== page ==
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Simulation of the Wind-Forced Near-Surface Circulation in Knight Inlet: A Parameterization of the Roughness Length

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  • 1 Department of Physics, Royal Military College of Canada, Kingston, Ontario, Canada
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Abstract

Month-long observations of along-channel velocity made close to the surface of Knight Inlet are used with a numerical model to estimate the roughness length z0 on the water side of the air–sea interface. In analogy with a very common parameterization for z0 on the air side of the air–sea interface, z0 is parameterized in the numerical model as z0 = au2/g where u∗ = (τ/ρ)1/2 is the friction velocity, g is the acceleration due to gravity, τ is the wind stress, ρ is the density of water, and a is an empirical constant. It is found that aO(105) for the dataset from Knight Inlet, a value four orders of magnitude larger than the value commonly used to estimate z0 on the air side of the air–sea interface. When compared to empirical estimates of the significant wave height Hs, it is found that z0O(Hs). Further evidence is provided that a numerical model that uses the Mellor–Yamada level 2.5 turbulence closure scheme can simulate the near-surface, wind-forced circulation quite well.

Corresponding author address: Dr. Michael W. Stacey, Department of Physics, Royal Military College of Canada, P.O. Box 17000, Kingston, ON K7K 7B4, Canada.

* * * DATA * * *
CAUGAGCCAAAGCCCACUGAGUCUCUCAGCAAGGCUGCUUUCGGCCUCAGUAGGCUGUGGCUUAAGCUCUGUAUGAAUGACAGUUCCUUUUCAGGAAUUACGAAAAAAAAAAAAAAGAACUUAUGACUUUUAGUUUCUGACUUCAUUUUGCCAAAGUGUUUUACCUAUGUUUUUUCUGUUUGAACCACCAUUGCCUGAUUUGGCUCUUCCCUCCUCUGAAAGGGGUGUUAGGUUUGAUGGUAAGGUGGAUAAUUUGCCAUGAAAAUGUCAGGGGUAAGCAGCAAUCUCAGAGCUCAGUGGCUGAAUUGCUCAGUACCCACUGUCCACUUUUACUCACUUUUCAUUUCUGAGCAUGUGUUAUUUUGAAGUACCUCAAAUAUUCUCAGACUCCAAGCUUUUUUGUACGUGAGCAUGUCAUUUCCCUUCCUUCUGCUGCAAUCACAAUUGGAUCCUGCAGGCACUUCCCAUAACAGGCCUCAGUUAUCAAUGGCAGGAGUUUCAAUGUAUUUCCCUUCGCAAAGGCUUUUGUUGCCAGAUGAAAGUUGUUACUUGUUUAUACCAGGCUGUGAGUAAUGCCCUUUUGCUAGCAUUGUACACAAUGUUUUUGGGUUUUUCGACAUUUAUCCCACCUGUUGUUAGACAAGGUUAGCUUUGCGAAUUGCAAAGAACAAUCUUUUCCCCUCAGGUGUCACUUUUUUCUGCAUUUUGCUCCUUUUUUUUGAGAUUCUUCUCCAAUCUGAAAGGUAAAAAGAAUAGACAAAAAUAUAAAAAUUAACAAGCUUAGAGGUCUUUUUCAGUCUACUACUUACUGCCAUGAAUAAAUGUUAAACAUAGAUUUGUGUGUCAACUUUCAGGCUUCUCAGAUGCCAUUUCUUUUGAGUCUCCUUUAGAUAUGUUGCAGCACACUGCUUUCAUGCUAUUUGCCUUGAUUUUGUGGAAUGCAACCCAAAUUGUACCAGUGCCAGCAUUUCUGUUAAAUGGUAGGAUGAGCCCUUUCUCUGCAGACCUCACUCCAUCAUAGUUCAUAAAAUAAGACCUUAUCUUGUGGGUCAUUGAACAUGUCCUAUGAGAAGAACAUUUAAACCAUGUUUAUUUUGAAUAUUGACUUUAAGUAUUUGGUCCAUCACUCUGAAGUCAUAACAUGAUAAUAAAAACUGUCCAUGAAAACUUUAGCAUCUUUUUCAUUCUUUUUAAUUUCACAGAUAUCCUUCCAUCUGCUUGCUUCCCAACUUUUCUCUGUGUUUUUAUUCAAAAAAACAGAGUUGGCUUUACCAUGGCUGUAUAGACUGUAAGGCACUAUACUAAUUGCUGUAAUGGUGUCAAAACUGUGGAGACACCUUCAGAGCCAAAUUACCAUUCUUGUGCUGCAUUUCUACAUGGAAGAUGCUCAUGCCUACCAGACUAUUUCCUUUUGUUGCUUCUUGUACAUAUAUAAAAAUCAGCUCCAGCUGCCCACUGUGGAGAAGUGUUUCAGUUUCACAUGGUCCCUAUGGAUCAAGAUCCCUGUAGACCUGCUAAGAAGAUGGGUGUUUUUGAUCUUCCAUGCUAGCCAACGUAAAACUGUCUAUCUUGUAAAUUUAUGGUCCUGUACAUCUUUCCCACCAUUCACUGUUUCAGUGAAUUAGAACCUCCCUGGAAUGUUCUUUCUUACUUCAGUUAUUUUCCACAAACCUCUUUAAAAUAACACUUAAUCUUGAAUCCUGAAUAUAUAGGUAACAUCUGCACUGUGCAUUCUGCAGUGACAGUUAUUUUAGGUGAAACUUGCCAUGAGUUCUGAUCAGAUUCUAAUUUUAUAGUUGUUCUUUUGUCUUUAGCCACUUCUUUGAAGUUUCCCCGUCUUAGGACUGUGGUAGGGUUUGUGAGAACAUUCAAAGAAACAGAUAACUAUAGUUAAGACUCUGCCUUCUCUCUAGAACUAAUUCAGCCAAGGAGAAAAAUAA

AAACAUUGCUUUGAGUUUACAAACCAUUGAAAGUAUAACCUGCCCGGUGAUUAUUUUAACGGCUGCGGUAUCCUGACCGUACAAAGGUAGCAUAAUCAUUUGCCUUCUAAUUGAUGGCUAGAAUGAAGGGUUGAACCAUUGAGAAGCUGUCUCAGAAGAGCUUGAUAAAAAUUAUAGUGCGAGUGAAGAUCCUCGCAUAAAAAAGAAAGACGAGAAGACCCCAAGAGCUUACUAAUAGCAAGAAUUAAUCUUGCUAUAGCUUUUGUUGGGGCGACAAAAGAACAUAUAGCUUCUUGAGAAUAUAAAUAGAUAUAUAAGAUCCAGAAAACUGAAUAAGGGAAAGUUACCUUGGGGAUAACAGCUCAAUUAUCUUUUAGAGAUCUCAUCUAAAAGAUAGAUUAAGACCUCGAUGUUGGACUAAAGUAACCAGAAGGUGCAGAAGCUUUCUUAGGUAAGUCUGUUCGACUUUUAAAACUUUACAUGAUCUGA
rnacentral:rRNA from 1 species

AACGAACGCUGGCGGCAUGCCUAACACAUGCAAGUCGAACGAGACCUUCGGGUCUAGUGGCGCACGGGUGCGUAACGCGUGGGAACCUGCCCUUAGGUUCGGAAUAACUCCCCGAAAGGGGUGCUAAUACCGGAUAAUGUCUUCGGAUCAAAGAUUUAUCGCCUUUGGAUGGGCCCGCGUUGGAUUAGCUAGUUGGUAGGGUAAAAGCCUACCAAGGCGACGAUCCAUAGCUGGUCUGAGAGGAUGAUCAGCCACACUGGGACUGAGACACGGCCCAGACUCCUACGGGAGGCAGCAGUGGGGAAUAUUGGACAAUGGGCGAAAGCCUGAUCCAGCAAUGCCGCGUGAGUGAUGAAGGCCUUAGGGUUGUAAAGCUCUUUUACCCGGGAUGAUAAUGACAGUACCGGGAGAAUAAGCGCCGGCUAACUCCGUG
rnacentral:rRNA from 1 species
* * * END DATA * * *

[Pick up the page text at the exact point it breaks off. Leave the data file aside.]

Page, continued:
Email: stacey-m@rmc.ca

Abstract

Month-long observations of along-channel velocity made close to the surface of Knight Inlet are used with a numerical model to estimate the roughness length z0 on the water side of the air–sea interface. In analogy with a very common parameterization for z0 on the air side of the air–sea interface, z0 is parameterized in the numerical model as z0 = au2/g where u∗ = (τ/ρ)1/2 is the friction velocity, g is the acceleration due to gravity, τ is the wind stress, ρ is the density of water, and a is an empirical constant. It is found that aO(105) for the dataset from Knight Inlet, a value four orders of magnitude larger than the value commonly used to estimate z0 on the air side of the air–sea interface. When compared to empirical estimates of the significant wave height Hs, it is found that z0O(Hs). Further evidence is provided that a numerical model that uses the Mellor–Yamada level 2.5 turbulence closure scheme can simulate the near-surface, wind-forced circulation quite well.

Corresponding author address: Dr. Michael W. Stacey, Department of Physics, Royal Military College of Canada, P.O. Box 17000, Kingston, ON K7K 7B4, Canada.

Email: stacey-m@rmc.ca

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